Additionally, many retailers who offered these services in a few stores last year have expanded them to more, if not all, of their stores. Since this is typically the fastest way to get your order, and is usually free, this is good news for consumers.

BOPUS blues
While 35 percent more retailers are offering the buy online, pick up in store option, and many retailers who offered it in 2014 have expanded the service to additional doors, it was clear that many of them are still on thin ice.
The winners — Target, Macy's and Lowe's — provided good communication after the purchase, had the order ready in less than two hours and made the pickup experience quick and easy. Most importantly, the experience was equally painless across all of the chains' tested stores.

But many more retailers were on the naughty list when it came to BOPUS. In fact, only 40 percent of BOPUS transactions were error-free this year, compared to 92 percent of delivered orders in the study and 98 percent of delivered orders during the rest of the year. This huge service gap — especially in such a customer-facing area — exposes retailers and can leave customers out in the cold.

Retailers "bah humbug" at cost to serve
With more distribution points, the number of packages per order is increasing. Paired with less revenue from shipping, with only 10 percent charging a fee, retailers are facing higher-than-ever fulfillment costs, especially when rising carrier costs are thrown into the mix.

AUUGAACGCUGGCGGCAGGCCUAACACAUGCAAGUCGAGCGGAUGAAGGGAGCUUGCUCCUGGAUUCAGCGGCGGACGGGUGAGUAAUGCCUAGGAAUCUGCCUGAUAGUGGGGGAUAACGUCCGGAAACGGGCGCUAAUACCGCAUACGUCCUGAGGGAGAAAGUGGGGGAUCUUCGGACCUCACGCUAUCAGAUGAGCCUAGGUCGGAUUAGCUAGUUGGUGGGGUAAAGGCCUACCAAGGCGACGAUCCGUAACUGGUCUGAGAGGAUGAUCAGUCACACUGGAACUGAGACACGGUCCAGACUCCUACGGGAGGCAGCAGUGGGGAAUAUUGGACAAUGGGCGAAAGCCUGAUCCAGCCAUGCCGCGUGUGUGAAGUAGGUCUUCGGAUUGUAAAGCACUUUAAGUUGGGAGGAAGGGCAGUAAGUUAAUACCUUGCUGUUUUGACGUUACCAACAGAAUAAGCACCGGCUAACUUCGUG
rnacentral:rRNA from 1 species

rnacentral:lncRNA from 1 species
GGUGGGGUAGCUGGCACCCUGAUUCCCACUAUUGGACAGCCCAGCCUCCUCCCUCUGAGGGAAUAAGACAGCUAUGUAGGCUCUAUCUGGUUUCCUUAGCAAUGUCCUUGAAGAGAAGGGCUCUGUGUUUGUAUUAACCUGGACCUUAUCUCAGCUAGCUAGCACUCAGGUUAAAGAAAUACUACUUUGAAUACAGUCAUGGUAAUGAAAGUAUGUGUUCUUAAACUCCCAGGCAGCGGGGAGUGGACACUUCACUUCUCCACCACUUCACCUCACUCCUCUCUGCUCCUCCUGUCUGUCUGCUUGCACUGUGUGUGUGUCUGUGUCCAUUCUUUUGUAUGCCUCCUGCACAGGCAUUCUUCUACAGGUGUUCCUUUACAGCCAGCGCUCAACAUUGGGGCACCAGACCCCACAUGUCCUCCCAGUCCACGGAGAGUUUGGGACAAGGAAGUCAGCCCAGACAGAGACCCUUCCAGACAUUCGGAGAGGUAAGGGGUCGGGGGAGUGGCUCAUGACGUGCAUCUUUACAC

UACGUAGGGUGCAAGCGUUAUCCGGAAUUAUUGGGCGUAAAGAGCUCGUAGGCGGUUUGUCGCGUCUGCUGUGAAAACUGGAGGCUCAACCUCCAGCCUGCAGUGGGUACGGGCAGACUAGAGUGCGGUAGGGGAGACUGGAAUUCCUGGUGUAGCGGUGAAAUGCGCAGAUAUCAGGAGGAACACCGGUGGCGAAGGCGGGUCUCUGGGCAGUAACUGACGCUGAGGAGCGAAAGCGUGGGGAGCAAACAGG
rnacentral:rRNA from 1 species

Increasing capacity to handle this growth is expensive, but may be necessary as e-commerce sales continue to grow. Retailers are now beginning to confront one of e-commerce retailing's basic issues: It's less profitable than brick-and-mortar. When online sales made up only a single-digit percentage of a retailer's total sales, this issue was easier to ignore, but as e-commerce sales only continue to grow, retailers will have to confront the cost issue in 2016.

Turbulence ahead for Santa's sleigh?
Higher-than-anticipated e-commerce volumes stressed carrier networks during Cyber Monday ordering. For example, 9 percent of packages sent via UPS Ground encountered some type of unexpected delay in the shipping process. While these are typically small delays and pale in comparison to some retailer-caused delays, they point to a larger problem — a carrier network at capacity.
You have only to look back to 2013 to find out what could happen if the order volumes exceed retailer and carrier capacity. That was the year that 15 percent of the packages Kurt Salmon ordered at the last minute did not make it under the tree in time. 

On the bright side, the majority of these issues seem to have subsided as volumes declined heading into Christmas week, although carrier success rates were down slightly over last year. But the capacity issue remains a huge one for retailers heading into 2016 and will likely drive up carrier costs even higher.

With a new year comes a chance to address these two significant issues — cost and capacity — in the relative calm before next year's sleigh bells start to sound in the distance. Retailers that don't will likely find themselves on 2016's naughty list.


Steve Osburn is a retail strategist at Kurt Salmon, a global consulting firm. He has over a decade of experience advising the world's leading retailers and brands on their supply chain strategy. Contact Steve at [email protected].